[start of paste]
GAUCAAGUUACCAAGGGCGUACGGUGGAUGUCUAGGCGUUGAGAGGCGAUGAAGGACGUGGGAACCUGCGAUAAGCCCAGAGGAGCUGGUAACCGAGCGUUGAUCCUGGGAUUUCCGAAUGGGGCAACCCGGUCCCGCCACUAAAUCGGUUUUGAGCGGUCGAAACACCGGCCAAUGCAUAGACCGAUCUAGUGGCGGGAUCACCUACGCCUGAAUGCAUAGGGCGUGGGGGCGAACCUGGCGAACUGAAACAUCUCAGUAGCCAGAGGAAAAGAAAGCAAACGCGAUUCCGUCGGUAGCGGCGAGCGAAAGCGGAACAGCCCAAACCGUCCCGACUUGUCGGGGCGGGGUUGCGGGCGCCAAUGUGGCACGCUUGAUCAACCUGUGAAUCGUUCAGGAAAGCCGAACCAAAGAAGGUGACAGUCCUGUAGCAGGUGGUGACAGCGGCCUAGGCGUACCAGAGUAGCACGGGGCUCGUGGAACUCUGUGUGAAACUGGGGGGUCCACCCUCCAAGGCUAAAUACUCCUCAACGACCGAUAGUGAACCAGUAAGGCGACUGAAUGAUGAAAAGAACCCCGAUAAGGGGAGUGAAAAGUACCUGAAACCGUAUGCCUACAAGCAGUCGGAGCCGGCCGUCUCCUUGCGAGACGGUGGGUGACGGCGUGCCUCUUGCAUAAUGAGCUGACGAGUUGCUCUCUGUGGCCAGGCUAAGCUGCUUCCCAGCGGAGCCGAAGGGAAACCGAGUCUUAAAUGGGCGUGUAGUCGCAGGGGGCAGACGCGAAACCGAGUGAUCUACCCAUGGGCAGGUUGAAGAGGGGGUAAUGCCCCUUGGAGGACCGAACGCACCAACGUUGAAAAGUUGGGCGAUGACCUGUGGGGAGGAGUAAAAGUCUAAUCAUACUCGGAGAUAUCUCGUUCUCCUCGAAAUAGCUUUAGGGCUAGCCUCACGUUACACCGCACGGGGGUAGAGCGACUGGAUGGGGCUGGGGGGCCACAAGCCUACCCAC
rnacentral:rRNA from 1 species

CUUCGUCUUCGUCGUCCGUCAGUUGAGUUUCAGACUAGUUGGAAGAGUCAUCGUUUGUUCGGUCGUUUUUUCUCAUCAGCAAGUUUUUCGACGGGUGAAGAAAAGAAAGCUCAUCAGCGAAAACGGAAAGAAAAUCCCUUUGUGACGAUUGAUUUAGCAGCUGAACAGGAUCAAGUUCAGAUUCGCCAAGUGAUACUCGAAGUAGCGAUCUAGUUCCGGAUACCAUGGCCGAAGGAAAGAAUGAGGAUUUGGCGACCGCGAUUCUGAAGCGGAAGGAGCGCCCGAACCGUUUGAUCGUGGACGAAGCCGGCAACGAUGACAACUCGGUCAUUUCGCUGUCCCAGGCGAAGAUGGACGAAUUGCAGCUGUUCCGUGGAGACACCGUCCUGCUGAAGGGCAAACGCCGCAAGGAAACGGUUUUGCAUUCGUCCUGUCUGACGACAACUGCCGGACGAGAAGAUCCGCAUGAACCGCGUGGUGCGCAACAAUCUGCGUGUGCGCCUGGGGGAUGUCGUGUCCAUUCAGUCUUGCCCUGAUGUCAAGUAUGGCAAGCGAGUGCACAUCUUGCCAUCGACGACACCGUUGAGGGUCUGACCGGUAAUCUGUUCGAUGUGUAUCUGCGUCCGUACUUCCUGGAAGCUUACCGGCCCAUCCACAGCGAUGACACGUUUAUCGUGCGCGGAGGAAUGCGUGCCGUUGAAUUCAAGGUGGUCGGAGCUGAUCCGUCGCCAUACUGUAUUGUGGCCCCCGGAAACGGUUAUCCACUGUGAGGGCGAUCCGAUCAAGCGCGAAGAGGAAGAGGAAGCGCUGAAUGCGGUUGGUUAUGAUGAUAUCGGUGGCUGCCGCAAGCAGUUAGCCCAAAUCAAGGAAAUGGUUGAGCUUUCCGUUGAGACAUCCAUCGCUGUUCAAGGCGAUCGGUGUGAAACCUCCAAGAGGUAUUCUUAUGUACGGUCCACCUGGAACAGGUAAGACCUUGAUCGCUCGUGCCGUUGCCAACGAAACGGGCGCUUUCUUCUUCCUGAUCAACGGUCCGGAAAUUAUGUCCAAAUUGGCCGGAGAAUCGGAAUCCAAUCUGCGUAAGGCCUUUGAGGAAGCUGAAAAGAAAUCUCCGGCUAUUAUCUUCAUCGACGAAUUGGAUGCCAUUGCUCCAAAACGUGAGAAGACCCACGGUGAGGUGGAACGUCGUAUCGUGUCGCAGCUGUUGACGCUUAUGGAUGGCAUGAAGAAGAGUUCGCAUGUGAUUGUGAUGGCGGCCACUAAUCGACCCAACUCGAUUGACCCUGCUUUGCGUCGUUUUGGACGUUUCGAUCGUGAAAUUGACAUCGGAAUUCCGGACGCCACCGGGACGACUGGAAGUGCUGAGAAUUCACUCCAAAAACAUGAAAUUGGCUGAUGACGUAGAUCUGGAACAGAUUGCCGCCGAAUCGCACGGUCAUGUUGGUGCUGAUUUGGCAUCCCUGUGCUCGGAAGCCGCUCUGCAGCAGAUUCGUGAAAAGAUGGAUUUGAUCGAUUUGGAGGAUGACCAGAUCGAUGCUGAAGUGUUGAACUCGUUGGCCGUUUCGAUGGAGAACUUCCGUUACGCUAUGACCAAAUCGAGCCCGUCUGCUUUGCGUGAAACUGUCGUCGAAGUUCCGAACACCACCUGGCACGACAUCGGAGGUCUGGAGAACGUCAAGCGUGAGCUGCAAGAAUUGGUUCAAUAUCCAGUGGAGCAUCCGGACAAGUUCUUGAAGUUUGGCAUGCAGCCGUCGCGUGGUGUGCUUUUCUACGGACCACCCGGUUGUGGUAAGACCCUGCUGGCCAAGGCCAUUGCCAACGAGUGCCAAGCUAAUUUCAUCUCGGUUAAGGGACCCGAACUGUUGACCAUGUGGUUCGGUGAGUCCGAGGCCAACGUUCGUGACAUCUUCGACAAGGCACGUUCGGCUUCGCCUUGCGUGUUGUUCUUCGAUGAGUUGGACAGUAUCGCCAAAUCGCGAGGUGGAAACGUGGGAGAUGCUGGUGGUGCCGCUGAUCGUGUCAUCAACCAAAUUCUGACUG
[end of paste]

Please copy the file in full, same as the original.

GAUCAAGUUACCAAGGGCGUACGGUGGAUGUCUAGGCGUUGAGAGGCGAUGAAGGACGUGGGAACCUGCGAUAAGCCCAGAGGAGCUGGUAACCGAGCGUUGAUCCUGGGAUUUCCGAAUGGGGCAACCCGGUCCCGCCACUAAAUCGGUUUUGAGCGGUCGAAACACCGGCCAAUGCAUAGACCGAUCUAGUGGCGGGAUCACCUACGCCUGAAUGCAUAGGGCGUGGGGGCGAACCUGGCGAACUGAAACAUCUCAGUAGCCAGAGGAAAAGAAAGCAAACGCGAUUCCGUCGGUAGCGGCGAGCGAAAGCGGAACAGCCCAAACCGUCCCGACUUGUCGGGGCGGGGUUGCGGGCGCCAAUGUGGCACGCUUGAUCAACCUGUGAAUCGUUCAGGAAAGCCGAACCAAAGAAGGUGACAGUCCUGUAGCAGGUGGUGACAGCGGCCUAGGCGUACCAGAGUAGCACGGGGCUCGUGGAACUCUGUGUGAAACUGGGGGGUCCACCCUCCAAGGCUAAAUACUCCUCAACGACCGAUAGUGAACCAGUAAGGCGACUGAAUGAUGAAAAGAACCCCGAUAAGGGGAGUGAAAAGUACCUGAAACCGUAUGCCUACAAGCAGUCGGAGCCGGCCGUCUCCUUGCGAGACGGUGGGUGACGGCGUGCCUCUUGCAUAAUGAGCUGACGAGUUGCUCUCUGUGGCCAGGCUAAGCUGCUUCCCAGCGGAGCCGAAGGGAAACCGAGUCUUAAAUGGGCGUGUAGUCGCAGGGGGCAGACGCGAAACCGAGUGAUCUACCCAUGGGCAGGUUGAAGAGGGGGUAAUGCCCCUUGGAGGACCGAACGCACCAACGUUGAAAAGUUGGGCGAUGACCUGUGGGGAGGAGUAAAAGUCUAAUCAUACUCGGAGAUAUCUCGUUCUCCUCGAAAUAGCUUUAGGGCUAGCCUCACGUUACACCGCACGGGGGUAGAGCGACUGGAUGGGGCUGGGGGGCCACAAGCCUACCCAC
rnacentral:rRNA from 1 species

CUUCGUCUUCGUCGUCCGUCAGUUGAGUUUCAGACUAGUUGGAAGAGUCAUCGUUUGUUCGGUCGUUUUUUCUCAUCAGCAAGUUUUUCGACGGGUGAAGAAAAGAAAGCUCAUCAGCGAAAACGGAAAGAAAAUCCCUUUGUGACGAUUGAUUUAGCAGCUGAACAGGAUCAAGUUCAGAUUCGCCAAGUGAUACUCGAAGUAGCGAUCUAGUUCCGGAUACCAUGGCCGAAGGAAAGAAUGAGGAUUUGGCGACCGCGAUUCUGAAGCGGAAGGAGCGCCCGAACCGUUUGAUCGUGGACGAAGCCGGCAACGAUGACAACUCGGUCAUUUCGCUGUCCCAGGCGAAGAUGGACGAAUUGCAGCUGUUCCGUGGAGACACCGUCCUGCUGAAGGGCAAACGCCGCAAGGAAACGGUUUUGCAUUCGUCCUGUCUGACGACAACUGCCGGACGAGAAGAUCCGCAUGAACCGCGUGGUGCGCAACAAUCUGCGUGUGCGCCUGGGGGAUGUCGUGUCCAUUCAGUCUUGCCCUGAUGUCAAGUAUGGCAAGCGAGUGCACAUCUUGCCAUCGACGACACCGUUGAGGGUCUGACCGGUAAUCUGUUCGAUGUGUAUCUGCGUCCGUACUUCCUGGAAGCUUACCGGCCCAUCCACAGCGAUGACACGUUUAUCGUGCGCGGAGGAAUGCGUGCCGUUGAAUUCAAGGUGGUCGGAGCUGAUCCGUCGCCAUACUGUAUUGUGGCCCCCGGAAACGGUUAUCCACUGUGAGGGCGAUCCGAUCAAGCGCGAAGAGGAAGAGGAAGCGCUGAAUGCGGUUGGUUAUGAUGAUAUCGGUGGCUGCCGCAAGCAGUUAGCCCAAAUCAAGGAAAUGGUUGAGCUUUCCGUUGAGACAUCCAUCGCUGUUCAAGGCGAUCGGUGUGAAACCUCCAAGAGGUAUUCUUAUGUACGGUCCACCUGGAACAGGUAAGACCUUGAUCGCUCGUGCCGUUGCCAACGAAACGGGCGCUUUCUUCUUCCUGAUCAACGGUCCGGAAAUUAUGUCCAAAUUGGCCGGAGAAUCGGAAUCCAAUCUGCGUAAGGCCUUUGAGGAAGCUGAAAAGAAAUCUCCGGCUAUUAUCUUCAUCGACGAAUUGGAUGCCAUUGCUCCAAAACGUGAGAAGACCCACGGUGAGGUGGAACGUCGUAUCGUGUCGCAGCUGUUGACGCUUAUGGAUGGCAUGAAGAAGAGUUCGCAUGUGAUUGUGAUGGCGGCCACUAAUCGACCCAACUCGAUUGACCCUGCUUUGCGUCGUUUUGGACGUUUCGAUCGUGAAAUUGACAUCGGAAUUCCGGACGCCACCGGGACGACUGGAAGUGCUGAGAAUUCACUCCAAAAACAUGAAAUUGGCUGAUGACGUAGAUCUGGAACAGAUUGCCGCCGAAUCGCACGGUCAUGUUGGUGCUGAUUUGGCAUCCCUGUGCUCGGAAGCCGCUCUGCAGCAGAUUCGUGAAAAGAUGGAUUUGAUCGAUUUGGAGGAUGACCAGAUCGAUGCUGAAGUGUUGAACUCGUUGGCCGUUUCGAUGGAGAACUUCCGUUACGCUAUGACCAAAUCGAGCCCGUCUGCUUUGCGUGAAACUGUCGUCGAAGUUCCGAACACCACCUGGCACGACAUCGGAGGUCUGGAGAACGUCAAGCGUGAGCUGCAAGAAUUGGUUCAAUAUCCAGUGGAGCAUCCGGACAAGUUCUUGAAGUUUGGCAUGCAGCCGUCGCGUGGUGUGCUUUUCUACGGACCACCCGGUUGUGGUAAGACCCUGCUGGCCAAGGCCAUUGCCAACGAGUGCCAAGCUAAUUUCAUCUCGGUUAAGGGACCCGAACUGUUGACCAUGUGGUUCGGUGAGUCCGAGGCCAACGUUCGUGACAUCUUCGACAAGGCACGUUCGGCUUCGCCUUGCGUGUUGUUCUUCGAUGAGUUGGACAGUAUCGCCAAAUCGCGAGGUGGAAACGUGGGAGAUGCUGGUGGUGCCGCUGAUCGUGUCAUCAACCAAAUUCUGACUG